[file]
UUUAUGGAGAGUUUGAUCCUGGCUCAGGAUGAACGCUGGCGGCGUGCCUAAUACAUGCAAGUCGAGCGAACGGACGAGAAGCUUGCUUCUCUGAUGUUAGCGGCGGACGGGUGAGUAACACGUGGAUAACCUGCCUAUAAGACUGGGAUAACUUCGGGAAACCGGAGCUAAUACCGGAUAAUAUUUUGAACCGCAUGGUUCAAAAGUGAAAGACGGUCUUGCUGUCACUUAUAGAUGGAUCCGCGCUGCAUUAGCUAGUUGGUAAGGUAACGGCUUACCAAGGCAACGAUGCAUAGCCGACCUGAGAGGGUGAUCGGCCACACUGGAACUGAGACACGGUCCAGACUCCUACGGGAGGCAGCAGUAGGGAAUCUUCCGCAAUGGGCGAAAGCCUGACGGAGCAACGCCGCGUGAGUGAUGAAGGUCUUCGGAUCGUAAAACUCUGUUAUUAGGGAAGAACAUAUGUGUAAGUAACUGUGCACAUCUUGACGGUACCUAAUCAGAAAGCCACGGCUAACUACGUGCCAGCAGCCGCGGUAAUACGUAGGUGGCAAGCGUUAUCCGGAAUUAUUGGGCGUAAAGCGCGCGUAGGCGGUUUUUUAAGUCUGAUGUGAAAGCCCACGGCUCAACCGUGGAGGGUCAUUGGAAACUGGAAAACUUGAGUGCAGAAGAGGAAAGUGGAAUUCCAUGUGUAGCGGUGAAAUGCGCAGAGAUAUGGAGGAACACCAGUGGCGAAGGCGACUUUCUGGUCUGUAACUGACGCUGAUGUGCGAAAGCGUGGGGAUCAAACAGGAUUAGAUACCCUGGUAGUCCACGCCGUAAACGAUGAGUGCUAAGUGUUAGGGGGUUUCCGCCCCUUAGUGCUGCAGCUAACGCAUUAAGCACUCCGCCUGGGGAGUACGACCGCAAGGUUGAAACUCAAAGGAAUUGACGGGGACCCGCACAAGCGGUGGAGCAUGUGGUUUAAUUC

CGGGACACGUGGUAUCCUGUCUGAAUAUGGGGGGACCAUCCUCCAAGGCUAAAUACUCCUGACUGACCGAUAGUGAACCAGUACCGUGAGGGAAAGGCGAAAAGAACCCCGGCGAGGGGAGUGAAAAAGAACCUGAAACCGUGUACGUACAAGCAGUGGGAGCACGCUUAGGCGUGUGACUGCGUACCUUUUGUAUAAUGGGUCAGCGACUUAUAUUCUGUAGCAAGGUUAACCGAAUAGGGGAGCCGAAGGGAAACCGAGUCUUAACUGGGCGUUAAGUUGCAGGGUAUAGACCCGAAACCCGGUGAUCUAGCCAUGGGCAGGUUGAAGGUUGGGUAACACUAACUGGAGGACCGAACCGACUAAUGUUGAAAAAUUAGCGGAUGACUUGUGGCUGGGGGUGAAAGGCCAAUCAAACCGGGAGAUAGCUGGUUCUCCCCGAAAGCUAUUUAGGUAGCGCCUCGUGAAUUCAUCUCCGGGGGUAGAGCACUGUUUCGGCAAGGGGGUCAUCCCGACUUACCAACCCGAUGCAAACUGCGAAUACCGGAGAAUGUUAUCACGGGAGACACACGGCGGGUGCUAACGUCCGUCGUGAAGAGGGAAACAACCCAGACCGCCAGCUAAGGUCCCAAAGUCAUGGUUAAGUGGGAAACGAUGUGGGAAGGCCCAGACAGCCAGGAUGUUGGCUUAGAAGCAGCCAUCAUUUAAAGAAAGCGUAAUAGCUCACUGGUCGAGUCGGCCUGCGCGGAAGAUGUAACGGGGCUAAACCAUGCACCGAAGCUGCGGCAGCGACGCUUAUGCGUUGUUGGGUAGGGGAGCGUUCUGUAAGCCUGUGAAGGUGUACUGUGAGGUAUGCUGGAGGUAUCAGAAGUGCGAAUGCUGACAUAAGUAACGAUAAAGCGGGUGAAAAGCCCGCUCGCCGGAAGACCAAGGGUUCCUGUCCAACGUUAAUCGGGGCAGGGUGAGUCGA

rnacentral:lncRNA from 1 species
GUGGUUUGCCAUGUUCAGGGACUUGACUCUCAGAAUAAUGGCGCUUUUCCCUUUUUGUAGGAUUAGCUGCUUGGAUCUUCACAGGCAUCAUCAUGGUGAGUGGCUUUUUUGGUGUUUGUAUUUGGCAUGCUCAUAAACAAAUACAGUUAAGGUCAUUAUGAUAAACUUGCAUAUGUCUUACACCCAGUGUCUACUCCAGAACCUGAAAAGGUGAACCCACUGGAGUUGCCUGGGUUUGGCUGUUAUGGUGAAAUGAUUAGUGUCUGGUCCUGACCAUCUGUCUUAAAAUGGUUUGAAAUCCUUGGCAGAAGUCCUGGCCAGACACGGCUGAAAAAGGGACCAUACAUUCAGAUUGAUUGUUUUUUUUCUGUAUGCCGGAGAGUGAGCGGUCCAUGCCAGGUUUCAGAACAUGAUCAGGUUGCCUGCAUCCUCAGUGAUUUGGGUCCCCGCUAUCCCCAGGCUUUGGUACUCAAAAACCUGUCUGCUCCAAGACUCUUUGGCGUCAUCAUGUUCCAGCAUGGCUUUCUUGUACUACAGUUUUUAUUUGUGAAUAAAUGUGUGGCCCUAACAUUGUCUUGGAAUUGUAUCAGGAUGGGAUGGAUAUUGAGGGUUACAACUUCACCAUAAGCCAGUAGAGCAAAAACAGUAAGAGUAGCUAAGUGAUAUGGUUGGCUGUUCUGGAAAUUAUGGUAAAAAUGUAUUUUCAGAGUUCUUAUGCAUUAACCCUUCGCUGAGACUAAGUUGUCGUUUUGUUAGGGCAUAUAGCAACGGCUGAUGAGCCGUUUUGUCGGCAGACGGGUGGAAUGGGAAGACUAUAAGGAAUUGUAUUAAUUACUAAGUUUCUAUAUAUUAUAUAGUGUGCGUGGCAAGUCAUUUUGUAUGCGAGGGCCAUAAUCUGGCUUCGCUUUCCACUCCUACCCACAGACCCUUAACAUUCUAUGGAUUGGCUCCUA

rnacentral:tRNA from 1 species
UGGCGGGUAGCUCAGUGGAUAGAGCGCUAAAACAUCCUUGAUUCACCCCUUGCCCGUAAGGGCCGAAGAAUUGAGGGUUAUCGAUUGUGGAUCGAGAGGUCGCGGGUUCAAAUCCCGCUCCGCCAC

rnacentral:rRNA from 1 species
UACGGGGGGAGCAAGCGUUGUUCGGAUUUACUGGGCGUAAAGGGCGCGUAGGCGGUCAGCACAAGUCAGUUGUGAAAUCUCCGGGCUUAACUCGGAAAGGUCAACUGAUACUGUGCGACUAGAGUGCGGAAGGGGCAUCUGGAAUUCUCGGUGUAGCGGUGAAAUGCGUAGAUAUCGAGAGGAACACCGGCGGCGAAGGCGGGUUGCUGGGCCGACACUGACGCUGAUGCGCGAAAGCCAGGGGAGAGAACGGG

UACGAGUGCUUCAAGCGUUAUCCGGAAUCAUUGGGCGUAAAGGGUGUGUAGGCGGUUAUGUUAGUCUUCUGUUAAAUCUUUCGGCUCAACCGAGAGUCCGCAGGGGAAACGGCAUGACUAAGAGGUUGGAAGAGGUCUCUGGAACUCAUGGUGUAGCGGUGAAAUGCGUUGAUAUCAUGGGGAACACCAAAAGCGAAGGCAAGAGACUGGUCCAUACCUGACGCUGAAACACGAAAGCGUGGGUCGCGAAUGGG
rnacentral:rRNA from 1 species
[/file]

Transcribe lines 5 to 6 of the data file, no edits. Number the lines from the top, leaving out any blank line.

rnacentral:tRNA from 1 species
UGGCGGGUAGCUCAGUGGAUAGAGCGCUAAAACAUCCUUGAUUCACCCCUUGCCCGUAAGGGCCGAAGAAUUGAGGGUUAUCGAUUGUGGAUCGAGAGGUCGCGGGUUCAAAUCCCGCUCCGCCAC